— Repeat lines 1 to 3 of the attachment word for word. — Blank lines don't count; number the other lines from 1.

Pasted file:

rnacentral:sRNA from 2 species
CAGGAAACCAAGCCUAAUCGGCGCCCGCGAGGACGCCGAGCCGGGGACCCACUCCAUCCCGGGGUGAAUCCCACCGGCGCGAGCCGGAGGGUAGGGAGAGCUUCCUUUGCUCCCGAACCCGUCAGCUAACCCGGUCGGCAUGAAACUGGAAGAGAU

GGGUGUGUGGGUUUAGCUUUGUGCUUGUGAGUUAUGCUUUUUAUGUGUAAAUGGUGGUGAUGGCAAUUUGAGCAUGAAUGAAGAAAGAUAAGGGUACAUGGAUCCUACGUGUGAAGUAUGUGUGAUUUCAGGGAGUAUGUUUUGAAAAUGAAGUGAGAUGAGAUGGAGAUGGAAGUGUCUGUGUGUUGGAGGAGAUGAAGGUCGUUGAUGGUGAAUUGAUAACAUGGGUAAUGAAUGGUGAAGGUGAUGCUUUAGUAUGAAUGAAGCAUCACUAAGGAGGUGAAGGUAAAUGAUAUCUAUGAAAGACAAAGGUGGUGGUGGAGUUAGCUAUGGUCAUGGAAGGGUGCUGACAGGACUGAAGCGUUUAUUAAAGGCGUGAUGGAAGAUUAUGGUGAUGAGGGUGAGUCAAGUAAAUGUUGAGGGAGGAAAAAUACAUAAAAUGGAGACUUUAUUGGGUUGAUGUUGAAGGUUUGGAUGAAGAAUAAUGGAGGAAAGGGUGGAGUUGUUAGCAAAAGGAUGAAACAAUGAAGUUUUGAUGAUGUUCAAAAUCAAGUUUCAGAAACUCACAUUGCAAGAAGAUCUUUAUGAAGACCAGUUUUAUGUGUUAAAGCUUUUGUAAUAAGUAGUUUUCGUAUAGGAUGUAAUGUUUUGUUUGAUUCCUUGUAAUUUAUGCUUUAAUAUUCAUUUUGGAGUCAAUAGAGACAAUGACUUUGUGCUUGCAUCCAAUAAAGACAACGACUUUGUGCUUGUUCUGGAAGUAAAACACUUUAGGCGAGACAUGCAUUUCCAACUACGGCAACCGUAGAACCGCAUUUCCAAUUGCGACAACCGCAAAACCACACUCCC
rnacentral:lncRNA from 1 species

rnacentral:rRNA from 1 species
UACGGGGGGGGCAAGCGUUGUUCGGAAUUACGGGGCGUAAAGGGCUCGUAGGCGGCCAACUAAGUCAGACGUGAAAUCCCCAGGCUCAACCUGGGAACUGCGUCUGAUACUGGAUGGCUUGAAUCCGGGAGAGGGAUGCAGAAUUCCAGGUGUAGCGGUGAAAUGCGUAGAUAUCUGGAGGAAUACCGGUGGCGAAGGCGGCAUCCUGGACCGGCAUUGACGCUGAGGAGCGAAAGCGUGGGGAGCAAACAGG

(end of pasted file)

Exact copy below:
rnacentral:sRNA from 2 species
CAGGAAACCAAGCCUAAUCGGCGCCCGCGAGGACGCCGAGCCGGGGACCCACUCCAUCCCGGGGUGAAUCCCACCGGCGCGAGCCGGAGGGUAGGGAGAGCUUCCUUUGCUCCCGAACCCGUCAGCUAACCCGGUCGGCAUGAAACUGGAAGAGAU

GGGUGUGUGGGUUUAGCUUUGUGCUUGUGAGUUAUGCUUUUUAUGUGUAAAUGGUGGUGAUGGCAAUUUGAGCAUGAAUGAAGAAAGAUAAGGGUACAUGGAUCCUACGUGUGAAGUAUGUGUGAUUUCAGGGAGUAUGUUUUGAAAAUGAAGUGAGAUGAGAUGGAGAUGGAAGUGUCUGUGUGUUGGAGGAGAUGAAGGUCGUUGAUGGUGAAUUGAUAACAUGGGUAAUGAAUGGUGAAGGUGAUGCUUUAGUAUGAAUGAAGCAUCACUAAGGAGGUGAAGGUAAAUGAUAUCUAUGAAAGACAAAGGUGGUGGUGGAGUUAGCUAUGGUCAUGGAAGGGUGCUGACAGGACUGAAGCGUUUAUUAAAGGCGUGAUGGAAGAUUAUGGUGAUGAGGGUGAGUCAAGUAAAUGUUGAGGGAGGAAAAAUACAUAAAAUGGAGACUUUAUUGGGUUGAUGUUGAAGGUUUGGAUGAAGAAUAAUGGAGGAAAGGGUGGAGUUGUUAGCAAAAGGAUGAAACAAUGAAGUUUUGAUGAUGUUCAAAAUCAAGUUUCAGAAACUCACAUUGCAAGAAGAUCUUUAUGAAGACCAGUUUUAUGUGUUAAAGCUUUUGUAAUAAGUAGUUUUCGUAUAGGAUGUAAUGUUUUGUUUGAUUCCUUGUAAUUUAUGCUUUAAUAUUCAUUUUGGAGUCAAUAGAGACAAUGACUUUGUGCUUGCAUCCAAUAAAGACAACGACUUUGUGCUUGUUCUGGAAGUAAAACACUUUAGGCGAGACAUGCAUUUCCAACUACGGCAACCGUAGAACCGCAUUUCCAAUUGCGACAACCGCAAAACCACACUCCC